Krista Swanson is an agricultural economist and research analyst for the University of Illinois Urbana-Champaign. Swanson studies economics and policy topics which impact farmers, including traditional farm policy, trade and tax legislation and both proposed policy and passed legislation tha…
As new trends and challenges in crop production emerge — adoption of strip till, managing higher residue levels, new requirements for soil and nutrient management — tillage tools continue to transform and evolve. And while they don’t garner the headlines of a new EV tractor, these new develo…
Tom and his wife, Beth, were and always had been dairy farmers. Their two older children, a son and daughter, had both joined the farming operation after college. Their youngest son became a pharmacist, which was fine with Tom as he believed each child should get to a vocation they enjoyed.
When I drive my old truck out the lane and onto the gravel road, a little flashback from a few years ago jars my memory. I’ll pass it along because there’s a safety lesson in the story. Maybe a few safety pointers in fact, when you look at it in hindsight.
Now more than ever, there is strong demand for a transition plan that can meet a family’s definition of a “fair” plan for land transition yet is flexible enough to change with the planning environment.
One of the scarier events of the past 40 years for some of us older baby boomers was the advent of the personal computer. We saw them coming in the ’70s, and by the ’80s many of us were expected to actually learn how to operate a PC.
A few years ago a farming friend told me during one of our periodic conversations over morning coffee, “If you want to know a little bit about something, just ask me — I only know a little bit.”
David Grunklee is dean of applied technologies at Hawkeye Community College in Waterloo, Iowa.
If there’s one piece of equipment that deserves an agriculture MVP award, it’s the utility vehicle. It carts your tools, drawbar pins and parts, helps in fixing fence and rounding up stray cows, and shuttles lunch and supper to your harvest crew. It’s hard to imagine a more indispensable machine.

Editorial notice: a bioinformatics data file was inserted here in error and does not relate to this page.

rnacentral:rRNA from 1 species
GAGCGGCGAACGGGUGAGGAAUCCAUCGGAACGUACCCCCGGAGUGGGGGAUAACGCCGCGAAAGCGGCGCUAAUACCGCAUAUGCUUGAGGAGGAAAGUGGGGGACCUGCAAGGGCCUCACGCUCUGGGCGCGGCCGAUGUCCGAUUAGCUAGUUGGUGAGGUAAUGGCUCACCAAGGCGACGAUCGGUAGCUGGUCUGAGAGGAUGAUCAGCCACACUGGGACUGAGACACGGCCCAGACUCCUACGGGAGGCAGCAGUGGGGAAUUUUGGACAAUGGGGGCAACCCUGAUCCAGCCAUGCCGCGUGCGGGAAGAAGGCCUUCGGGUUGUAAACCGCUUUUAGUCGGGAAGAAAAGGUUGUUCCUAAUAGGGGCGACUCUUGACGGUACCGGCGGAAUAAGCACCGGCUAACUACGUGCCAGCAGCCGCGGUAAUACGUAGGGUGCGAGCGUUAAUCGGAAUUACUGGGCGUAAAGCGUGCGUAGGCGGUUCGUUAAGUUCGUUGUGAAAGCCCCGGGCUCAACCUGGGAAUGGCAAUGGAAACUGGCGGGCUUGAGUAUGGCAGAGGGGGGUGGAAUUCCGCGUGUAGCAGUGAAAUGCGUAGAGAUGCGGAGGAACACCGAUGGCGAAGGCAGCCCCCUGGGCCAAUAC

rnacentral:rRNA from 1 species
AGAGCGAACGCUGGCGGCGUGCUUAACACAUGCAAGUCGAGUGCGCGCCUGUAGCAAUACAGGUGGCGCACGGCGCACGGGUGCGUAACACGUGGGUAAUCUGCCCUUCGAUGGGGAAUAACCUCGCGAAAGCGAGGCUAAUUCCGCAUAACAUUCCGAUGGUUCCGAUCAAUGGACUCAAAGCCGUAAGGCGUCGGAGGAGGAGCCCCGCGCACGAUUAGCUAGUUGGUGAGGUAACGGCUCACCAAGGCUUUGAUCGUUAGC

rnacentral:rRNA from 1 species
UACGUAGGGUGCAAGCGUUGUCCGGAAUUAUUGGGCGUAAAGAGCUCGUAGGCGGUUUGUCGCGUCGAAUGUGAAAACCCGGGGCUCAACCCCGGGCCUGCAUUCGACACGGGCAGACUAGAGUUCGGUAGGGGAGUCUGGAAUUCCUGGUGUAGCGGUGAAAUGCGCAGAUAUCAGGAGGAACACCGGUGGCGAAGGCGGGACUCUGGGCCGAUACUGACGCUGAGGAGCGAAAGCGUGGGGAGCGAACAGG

Jeff was excited to start his new building project. Two years had passed since he and his wife moved off the home farm, allowing his son to take over his operation. They had purchased an acreage just a few miles away with a nice house and a few small, outdated buildings.
As I’ve grown older, I have avoided becoming a grumpy old man. For the most part.
I was heading north along I-35 through central Iowa on a blistering hot August day when I came upon the flashing yellow caution lights and tattered red flags of a lumbering oversize semi load. Even from a quarter mile away, this load looked unusual … and way larger than most.
The tiny village of Westphalia, Iowa, my home town, celebrated the 150th anniversary of its founding on July 3. Westphalia has held an annual two-day celebration of Independence Day for as long as I can remember. The event is still called the St. Boniface Parish Picnic even though the commun…
Stop! Please stop with the public land auctions. This may not be a popular statement in certain circles, and I will probably take some heat from my auctioneer friends, but someone needs to say it.
It may be hard to imagine but the ProFarmer crop tour gets underway next week, Farm Progress kicks off at the end of the month, and harvest is coming at you as fast as a Patrick Mahomes pass.
Wheat growers face many of the same challenges as do corn and soybean producers. But there are added issues, especially with global markets.
Don wondered if he had perhaps over-committed himself. In a moment of temporary insanity, he agreed to host an evening at his farm for 25 youth from his wife’s 4-H group. Don’s own kids were grown up, and he felt somewhat out of touch with what young people liked to do.
DENVER, Colo. — Effects from the pandemic and Ukraine war continue to reverberate through the global economy.
My three brothers celebrate their birthdays within a span of about three weeks in late-June to mid-July.
Over the last years the Iowa Legislature has automatically given hunters whatever they want. More seasons, longer seasons, use of silencers so they can shoot into private property without the resident knowing it, can have loaded and un-cased guns in vehicles so they can quickly shoot out the…
Opinion formation is an established field which many marketers and the news media use to influence what they want people to agree with.
One farming axiom has withstood the test of time: high yields drive big-ness. Just consider how the steady increase in yields over the past half-century has propelled the size of combines. It’s also true when it comes to grain carts.
One of the great symbols of our country’s independence is the long-standing tradition of fireworks. This year, we were downtown in Cedar Rapids, Iowa, watching the massive display of fireworks that closes out the city’s Freedom Festival.
Stephen Censky is chief executive officer of the American Soybean Association. He is in his second stint, having served as CEO for 21 years before serving as deputy secretary of the U.S. Department of Agriculture from 2017 to 2020.
Corn Belt producers accustomed to getting an early- to mid-April jump start on planting were throttled by this season’s cool, wet spring. Farmers were revved up and smoking their tires at the starting line. But once the green light flashed, the pace of planting was unrivaled.